The coming of the little group evidently surprised them considerably, for they were not in the habit of having visitors. When they did come, it was from the fleet, bringing supplies and ammunition, and more quick-firing guns with which to hold the savage Turks at bay when they fought to hurl the men in khaki into the sea.

“Who are you, and where did you come from?” asked one of the officers, evidently the commander-in-chief of the little New Zealand force.

“We are two American boys who have been with the battle fleet, sir, and sent ashore by the Vice-Admiral on board the Thunderer. We were in the lower camp yesterday and witnessed the fight when they captured the Turks’ trenches.”

At that the officers uttered various exclamations[284] of satisfaction, for up to then they were not absolutely sure what the result of the battle had been.

“Our errand to your camp, sir, is a personal one,” continued Jack; “but it can be explained later on. The first thing we want to tell you is that on our way here we came upon a very heavy detachment of the enemy, leaving the old shore road to swing around on your front. Our guide, the Greek, Arturus, here, is positive they mean to attack your position sometime between now and morning.”

At that every man sprang to his feet. Although they were constantly anticipating such news, when it did come, it produced a profound impression.

“Are you there, Arturus?” demanded the commander-in-chief, discovering the young Greek, who was evidently well known to him from previous meetings. “Do you back up all this young chap has been telling us?”

“It is the truth, General,” declared the guide. “They are in heavy force, and mean to give you a[285] hard fight for your position. It is their aim to drive your force into the sea.”

Then followed quick, sharp orders, showing how well prepared the “Kiwis” were to accept the gage of battle. Under arms every minute of the day and night, ready to meet each emergency as it arose, they were not likely to be harried out of the position they had gained on the Gallipoli shore by any surprise tactics on the part of the sly enemy.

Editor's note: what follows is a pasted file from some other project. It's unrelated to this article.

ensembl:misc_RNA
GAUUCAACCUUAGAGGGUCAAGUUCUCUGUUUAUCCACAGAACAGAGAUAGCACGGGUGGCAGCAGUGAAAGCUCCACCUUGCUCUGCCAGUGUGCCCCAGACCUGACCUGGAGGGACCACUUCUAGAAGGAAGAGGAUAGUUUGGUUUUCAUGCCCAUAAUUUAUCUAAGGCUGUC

Presently there was no one with the newcomers save the commander-in-chief himself. He insisted on shaking hands with each of the three by turns.

“You have done us all a great service this night,” was what he told the boys as he squeezed their hands. “We are always prepared for trouble, but ‘forewarned is forearmed,’ you know, and on this account the notice you have brought may save many precious lives. I shall be sure to see you later on, if alive, and anything I may be able to do for you, that you can command of me.”

With that he turned and left them. Doubtless[286] he had duties himself to perform, and did not believe in leaving every detail to subordinates. These soldiers from the islands of the sea and across the broad Atlantic were more inclined to follow the French methods of kindly treating their men than to follow the austere German or British plan. They were on good terms with every private in the ranks, and there was a certain degree of familiarity between officers and men that bound them closer together.



Left to themselves, the two boys sought a place where they could make themselves comfortable. The camp stools looked inviting, but cautious Jack shook his head when Amos proposed occupying them.

“I think we can find a safer place than that,” he remarked. “Just as like as not some Turkish spies have had a look-in at this camp, and marked the position of the General’s headquarters. If they have any guns along they’ll be apt to hurl a few shells around here, and it wouldn’t pay us to take the chances.”

“Whew! I never thought of that,” admitted Amos, always ready to agree with his chum.

Wandering around the almost deserted camp, they presently selected a location where they might see something of what was going on. They could easily understand that the position taken[288] by the Territorials had been made as impregnable as the conditions allowed. No doubt there were trenches and barricades behind which the troops could work their many rapid-fire guns, and their repeating rifles as well. Being born marksmen, they would take frightful toll of the Turks when they advanced to the attack in their customary solid formations, urged on by German officers, who from the rear would threaten to sabre or shoot anyone daring to turn back.

All seemed silent save for the sound of the sea fretting along the shore. Amos could hardly believe that right then and there hundreds upon hundreds of Allied troops were getting in position to man the defences of the camp; and that some thousands of ferocious Mussulman fighters were creeping along not so very far away with the avowed intention of rushing the works after the manner of reckless fighters, careless of their lives.

Amos had not forgotten the main reason for his being there in the camp of the gallant New Zealanders. As he sat there and glanced this[289] way and that, trying to make things out in the uncertain light, he was wondering just where the little level plateau lay from which the bold aviator took his flights, and landed again after he had sufficiently harassed the enemy.

It surely was somewhere close by, for unless well within the lines he could never have come and gone with safety. A thousand thoughts were racing through the agitated mind of Amos Turner, though the main theme lay in his fervent hope that here at last he might meet the brother for whom he had been searching so long.